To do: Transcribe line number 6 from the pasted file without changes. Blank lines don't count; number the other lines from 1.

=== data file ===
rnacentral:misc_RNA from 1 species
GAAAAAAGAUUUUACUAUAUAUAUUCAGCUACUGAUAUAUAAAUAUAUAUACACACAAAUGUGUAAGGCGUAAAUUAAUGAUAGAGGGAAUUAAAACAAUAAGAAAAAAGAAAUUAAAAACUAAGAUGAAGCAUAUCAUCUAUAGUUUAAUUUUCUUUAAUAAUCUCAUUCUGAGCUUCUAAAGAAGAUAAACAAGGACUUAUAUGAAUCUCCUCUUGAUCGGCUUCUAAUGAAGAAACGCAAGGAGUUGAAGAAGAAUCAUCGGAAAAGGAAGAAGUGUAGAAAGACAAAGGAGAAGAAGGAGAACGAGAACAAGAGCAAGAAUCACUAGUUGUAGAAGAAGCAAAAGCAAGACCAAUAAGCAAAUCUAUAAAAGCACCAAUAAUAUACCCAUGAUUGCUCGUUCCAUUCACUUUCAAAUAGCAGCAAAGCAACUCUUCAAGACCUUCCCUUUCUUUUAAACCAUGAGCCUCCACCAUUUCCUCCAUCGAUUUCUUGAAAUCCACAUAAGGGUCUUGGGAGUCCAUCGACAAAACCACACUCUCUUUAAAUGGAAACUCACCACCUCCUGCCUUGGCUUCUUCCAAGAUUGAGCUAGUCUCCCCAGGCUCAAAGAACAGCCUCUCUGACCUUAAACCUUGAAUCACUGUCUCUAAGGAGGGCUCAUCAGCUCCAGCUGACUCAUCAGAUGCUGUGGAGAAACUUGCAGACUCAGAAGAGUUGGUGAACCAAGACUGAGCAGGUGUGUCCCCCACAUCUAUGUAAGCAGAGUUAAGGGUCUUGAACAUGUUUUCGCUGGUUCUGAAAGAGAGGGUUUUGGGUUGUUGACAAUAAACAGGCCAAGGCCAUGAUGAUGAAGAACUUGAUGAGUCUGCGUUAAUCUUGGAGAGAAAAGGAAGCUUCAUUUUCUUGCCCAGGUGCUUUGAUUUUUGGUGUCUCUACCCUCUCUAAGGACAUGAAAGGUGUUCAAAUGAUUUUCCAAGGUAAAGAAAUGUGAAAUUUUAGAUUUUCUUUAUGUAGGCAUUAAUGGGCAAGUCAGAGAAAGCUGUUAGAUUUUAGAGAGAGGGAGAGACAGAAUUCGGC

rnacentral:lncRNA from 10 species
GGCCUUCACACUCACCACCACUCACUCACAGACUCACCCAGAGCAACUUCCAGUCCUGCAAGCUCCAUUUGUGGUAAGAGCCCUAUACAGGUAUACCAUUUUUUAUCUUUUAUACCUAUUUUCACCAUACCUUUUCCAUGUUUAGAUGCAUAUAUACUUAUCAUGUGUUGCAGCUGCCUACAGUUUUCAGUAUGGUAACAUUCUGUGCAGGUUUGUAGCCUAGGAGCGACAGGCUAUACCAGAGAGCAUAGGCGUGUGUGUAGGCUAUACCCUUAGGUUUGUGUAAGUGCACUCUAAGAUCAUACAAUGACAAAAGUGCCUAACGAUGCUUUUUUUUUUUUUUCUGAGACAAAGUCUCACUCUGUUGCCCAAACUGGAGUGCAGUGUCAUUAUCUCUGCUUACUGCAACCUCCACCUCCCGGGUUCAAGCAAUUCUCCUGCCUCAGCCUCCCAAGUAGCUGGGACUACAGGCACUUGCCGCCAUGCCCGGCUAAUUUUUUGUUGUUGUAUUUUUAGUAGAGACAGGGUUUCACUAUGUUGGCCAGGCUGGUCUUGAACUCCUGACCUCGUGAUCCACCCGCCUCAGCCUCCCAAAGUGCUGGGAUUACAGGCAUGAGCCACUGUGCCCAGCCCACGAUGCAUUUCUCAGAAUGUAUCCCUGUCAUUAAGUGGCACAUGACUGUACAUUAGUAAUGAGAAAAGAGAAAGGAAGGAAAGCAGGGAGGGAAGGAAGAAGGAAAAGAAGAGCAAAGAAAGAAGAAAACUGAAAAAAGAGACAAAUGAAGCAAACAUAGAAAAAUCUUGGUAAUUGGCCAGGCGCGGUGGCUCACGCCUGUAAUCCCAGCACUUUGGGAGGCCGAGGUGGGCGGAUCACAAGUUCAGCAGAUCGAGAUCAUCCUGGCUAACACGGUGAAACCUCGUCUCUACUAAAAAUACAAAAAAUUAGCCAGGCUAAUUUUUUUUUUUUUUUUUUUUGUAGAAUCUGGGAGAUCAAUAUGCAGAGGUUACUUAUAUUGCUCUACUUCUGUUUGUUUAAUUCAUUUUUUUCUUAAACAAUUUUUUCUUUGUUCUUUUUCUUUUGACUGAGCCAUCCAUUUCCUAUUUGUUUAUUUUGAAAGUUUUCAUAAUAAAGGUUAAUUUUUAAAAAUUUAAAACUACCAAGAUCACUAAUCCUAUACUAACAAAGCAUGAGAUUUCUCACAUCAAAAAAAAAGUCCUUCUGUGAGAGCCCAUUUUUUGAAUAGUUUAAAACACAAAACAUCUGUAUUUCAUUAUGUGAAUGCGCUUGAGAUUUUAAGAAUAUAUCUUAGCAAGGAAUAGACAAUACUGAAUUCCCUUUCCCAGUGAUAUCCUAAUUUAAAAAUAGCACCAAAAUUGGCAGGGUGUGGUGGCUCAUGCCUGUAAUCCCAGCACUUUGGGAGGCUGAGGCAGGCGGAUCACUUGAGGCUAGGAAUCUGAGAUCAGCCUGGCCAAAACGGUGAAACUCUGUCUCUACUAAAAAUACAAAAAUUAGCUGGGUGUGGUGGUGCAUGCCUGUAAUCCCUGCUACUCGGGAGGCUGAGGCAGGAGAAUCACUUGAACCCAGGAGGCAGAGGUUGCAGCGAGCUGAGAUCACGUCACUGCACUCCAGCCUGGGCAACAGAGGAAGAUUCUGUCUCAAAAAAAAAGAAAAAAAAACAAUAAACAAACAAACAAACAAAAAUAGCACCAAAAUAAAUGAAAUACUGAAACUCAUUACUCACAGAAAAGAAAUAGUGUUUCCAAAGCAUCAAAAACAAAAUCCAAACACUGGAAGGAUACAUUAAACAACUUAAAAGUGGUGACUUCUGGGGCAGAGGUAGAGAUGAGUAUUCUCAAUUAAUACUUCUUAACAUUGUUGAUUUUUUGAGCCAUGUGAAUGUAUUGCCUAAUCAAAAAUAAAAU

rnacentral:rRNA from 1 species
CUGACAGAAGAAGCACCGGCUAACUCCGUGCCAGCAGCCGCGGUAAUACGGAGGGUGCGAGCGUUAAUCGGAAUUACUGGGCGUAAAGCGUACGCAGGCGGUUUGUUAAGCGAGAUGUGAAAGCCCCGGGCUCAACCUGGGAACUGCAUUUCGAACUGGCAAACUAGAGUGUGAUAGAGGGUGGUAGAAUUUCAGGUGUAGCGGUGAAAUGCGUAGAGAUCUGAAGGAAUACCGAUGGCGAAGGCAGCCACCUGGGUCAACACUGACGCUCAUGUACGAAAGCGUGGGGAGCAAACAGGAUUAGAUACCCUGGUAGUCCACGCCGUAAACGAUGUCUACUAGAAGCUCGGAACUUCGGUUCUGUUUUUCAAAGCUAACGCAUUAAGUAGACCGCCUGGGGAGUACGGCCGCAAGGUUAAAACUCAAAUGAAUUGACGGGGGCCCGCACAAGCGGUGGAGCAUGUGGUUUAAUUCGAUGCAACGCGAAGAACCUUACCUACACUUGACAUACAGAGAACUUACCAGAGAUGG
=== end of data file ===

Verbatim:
CUGACAGAAGAAGCACCGGCUAACUCCGUGCCAGCAGCCGCGGUAAUACGGAGGGUGCGAGCGUUAAUCGGAAUUACUGGGCGUAAAGCGUACGCAGGCGGUUUGUUAAGCGAGAUGUGAAAGCCCCGGGCUCAACCUGGGAACUGCAUUUCGAACUGGCAAACUAGAGUGUGAUAGAGGGUGGUAGAAUUUCAGGUGUAGCGGUGAAAUGCGUAGAGAUCUGAAGGAAUACCGAUGGCGAAGGCAGCCACCUGGGUCAACACUGACGCUCAUGUACGAAAGCGUGGGGAGCAAACAGGAUUAGAUACCCUGGUAGUCCACGCCGUAAACGAUGUCUACUAGAAGCUCGGAACUUCGGUUCUGUUUUUCAAAGCUAACGCAUUAAGUAGACCGCCUGGGGAGUACGGCCGCAAGGUUAAAACUCAAAUGAAUUGACGGGGGCCCGCACAAGCGGUGGAGCAUGUGGUUUAAUUCGAUGCAACGCGAAGAACCUUACCUACACUUGACAUACAGAGAACUUACCAGAGAUGG